Tag Archives: light

Staged Nature

Photographer Noemie Goudal creates natural environments using artificial elements.  Her use of light, clothe, water and photographs help create the illusion of nature.  Her art evokes a sense of wonder and mystery as one is unsure of what is natural and what is artificial.

Tagged , , , ,

Absence and Growth

The absence of humanity within a built form does not mean there is an absence of existence and growth.  The decay of the structure’s finishes such as the wall paper and paint imply an existence of natural forms, a sort of simulation of growth within the decay.  Nature then finds a way to break through the man made forms in a unnatural location.  The lines of nature and built form are blurred in the destruction of a building and overtaking by nature.  The simulation of nature provides a mystery and exploration similar to the experience of nature in a forest.  It is the absence of reality that allows nature to overcome and become a new reality.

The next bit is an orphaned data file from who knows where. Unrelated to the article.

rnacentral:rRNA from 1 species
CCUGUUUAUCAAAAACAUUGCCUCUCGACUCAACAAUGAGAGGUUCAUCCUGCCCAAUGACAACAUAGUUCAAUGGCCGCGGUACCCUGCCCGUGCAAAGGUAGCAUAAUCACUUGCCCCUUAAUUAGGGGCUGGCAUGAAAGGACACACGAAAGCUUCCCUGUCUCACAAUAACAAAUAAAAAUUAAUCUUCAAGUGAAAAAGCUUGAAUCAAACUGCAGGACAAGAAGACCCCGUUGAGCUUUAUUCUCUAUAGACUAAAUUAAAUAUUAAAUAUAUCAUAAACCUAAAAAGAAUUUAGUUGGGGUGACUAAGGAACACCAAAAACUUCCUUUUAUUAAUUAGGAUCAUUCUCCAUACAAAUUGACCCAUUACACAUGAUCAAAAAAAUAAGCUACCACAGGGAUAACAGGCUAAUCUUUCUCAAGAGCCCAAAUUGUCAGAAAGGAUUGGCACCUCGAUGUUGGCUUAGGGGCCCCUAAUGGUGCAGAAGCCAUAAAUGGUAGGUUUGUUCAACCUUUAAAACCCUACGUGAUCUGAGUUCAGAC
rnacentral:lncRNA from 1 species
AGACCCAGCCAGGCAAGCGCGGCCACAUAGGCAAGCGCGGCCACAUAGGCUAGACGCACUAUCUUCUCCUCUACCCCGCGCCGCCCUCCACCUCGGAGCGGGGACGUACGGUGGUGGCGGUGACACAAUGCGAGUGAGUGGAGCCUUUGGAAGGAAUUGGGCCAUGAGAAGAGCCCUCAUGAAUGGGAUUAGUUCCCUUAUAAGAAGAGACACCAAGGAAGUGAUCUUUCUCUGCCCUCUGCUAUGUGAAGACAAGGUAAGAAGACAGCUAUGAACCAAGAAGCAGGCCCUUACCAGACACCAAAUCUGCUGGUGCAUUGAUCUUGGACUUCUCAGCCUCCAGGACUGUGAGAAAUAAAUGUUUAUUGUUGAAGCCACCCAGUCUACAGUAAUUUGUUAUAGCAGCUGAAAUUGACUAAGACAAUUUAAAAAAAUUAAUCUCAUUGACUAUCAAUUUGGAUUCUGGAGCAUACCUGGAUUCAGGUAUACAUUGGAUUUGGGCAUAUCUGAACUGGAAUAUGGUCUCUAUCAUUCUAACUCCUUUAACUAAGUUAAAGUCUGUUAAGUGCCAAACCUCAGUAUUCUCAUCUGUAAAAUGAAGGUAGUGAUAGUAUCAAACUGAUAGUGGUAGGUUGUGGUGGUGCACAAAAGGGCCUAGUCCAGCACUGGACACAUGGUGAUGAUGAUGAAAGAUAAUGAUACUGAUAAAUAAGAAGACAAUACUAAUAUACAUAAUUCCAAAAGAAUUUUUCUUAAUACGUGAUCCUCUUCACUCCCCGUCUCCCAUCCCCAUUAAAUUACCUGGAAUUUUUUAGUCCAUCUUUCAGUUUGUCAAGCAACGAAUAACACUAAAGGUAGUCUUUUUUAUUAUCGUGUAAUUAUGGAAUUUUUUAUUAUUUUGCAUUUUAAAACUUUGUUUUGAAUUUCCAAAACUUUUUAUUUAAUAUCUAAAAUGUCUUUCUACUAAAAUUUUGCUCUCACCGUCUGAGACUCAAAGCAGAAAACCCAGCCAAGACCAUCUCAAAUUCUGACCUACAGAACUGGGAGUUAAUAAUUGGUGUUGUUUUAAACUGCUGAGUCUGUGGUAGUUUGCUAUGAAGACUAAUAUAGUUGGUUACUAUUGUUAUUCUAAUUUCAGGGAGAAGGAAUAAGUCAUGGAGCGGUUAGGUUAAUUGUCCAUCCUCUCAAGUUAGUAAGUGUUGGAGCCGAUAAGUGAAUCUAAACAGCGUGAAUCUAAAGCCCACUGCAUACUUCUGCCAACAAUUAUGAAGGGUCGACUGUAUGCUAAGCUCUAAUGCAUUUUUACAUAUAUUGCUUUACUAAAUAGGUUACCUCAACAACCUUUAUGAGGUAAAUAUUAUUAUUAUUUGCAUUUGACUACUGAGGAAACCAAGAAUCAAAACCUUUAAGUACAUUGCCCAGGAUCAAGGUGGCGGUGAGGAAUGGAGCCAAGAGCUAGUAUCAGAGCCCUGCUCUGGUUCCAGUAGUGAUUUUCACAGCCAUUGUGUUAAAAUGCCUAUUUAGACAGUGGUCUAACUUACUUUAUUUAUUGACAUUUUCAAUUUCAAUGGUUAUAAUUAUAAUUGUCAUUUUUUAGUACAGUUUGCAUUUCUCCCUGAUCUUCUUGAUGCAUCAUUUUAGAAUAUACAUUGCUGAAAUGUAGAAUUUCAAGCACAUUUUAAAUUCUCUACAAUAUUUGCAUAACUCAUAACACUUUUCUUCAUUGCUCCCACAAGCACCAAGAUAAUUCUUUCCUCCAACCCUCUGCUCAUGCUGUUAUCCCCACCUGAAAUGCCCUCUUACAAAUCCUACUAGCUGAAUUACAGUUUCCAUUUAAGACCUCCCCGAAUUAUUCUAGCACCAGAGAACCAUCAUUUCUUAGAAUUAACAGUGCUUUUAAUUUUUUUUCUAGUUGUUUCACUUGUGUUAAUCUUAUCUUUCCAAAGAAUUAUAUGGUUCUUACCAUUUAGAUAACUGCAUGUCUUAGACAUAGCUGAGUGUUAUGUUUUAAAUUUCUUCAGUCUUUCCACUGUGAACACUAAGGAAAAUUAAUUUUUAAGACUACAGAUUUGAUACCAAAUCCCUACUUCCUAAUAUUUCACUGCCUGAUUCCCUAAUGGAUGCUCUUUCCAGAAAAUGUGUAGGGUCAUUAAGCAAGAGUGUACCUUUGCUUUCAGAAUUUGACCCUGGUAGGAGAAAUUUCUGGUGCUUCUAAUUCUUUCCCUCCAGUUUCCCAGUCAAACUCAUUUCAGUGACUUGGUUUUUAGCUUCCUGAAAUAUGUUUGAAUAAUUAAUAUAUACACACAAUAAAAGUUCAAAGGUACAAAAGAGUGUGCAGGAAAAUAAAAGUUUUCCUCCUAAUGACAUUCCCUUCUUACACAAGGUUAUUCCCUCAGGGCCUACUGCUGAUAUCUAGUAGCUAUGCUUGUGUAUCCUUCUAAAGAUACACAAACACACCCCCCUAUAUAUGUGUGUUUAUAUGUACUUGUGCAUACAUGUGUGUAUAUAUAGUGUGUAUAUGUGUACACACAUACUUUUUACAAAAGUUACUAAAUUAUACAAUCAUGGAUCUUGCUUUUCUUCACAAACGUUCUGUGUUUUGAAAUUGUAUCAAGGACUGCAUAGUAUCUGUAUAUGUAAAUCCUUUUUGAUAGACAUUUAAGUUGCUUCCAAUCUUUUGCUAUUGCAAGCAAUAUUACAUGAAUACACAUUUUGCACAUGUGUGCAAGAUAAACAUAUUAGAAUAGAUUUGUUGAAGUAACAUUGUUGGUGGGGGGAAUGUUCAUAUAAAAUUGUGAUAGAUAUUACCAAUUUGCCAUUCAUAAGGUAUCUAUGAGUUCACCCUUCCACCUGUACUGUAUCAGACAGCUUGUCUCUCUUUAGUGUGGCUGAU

For more photographs on abandoned buildings click here.

.

Light peaking through the ruins simulate nature and growth

Nature grows within the ruins of the abandoned structure

Pealing paint and light simulate layers of destruction but also growth

Pealing paint and light simulate layers of destruction but also growth

Greenery grows within the urban ruin providing new life and of a sense renewal within the decay

Tagged , , , ,

Your Rainbow Panorama | Olafur Eliasson

Artist Olafur Eliasson new installation to the ARoS Museum of Art in Arhus, Denmark provides a 360 panoramic view of the cityscape.  Every color in the spectrum is present as this design looks to erase the boundaries between indoors and out to question the comfortable limits for which people are accustomed to moving, ultimately altering and defining the perception of the city below.

ARoS Museum of Art | Arhus, Denmark

Rendering of Your Rainbow Panorama | Olafur Eliasson

Your Rainbow Panorama | Olafur Eliasson

Interior of Your Rainbow Panorama | Olafur Eliasson

Interior of Your Rainbow Panorama | Olafur Eliasson

Tagged , , , , , , ,

Holocaust Memorial | Peter Eisenman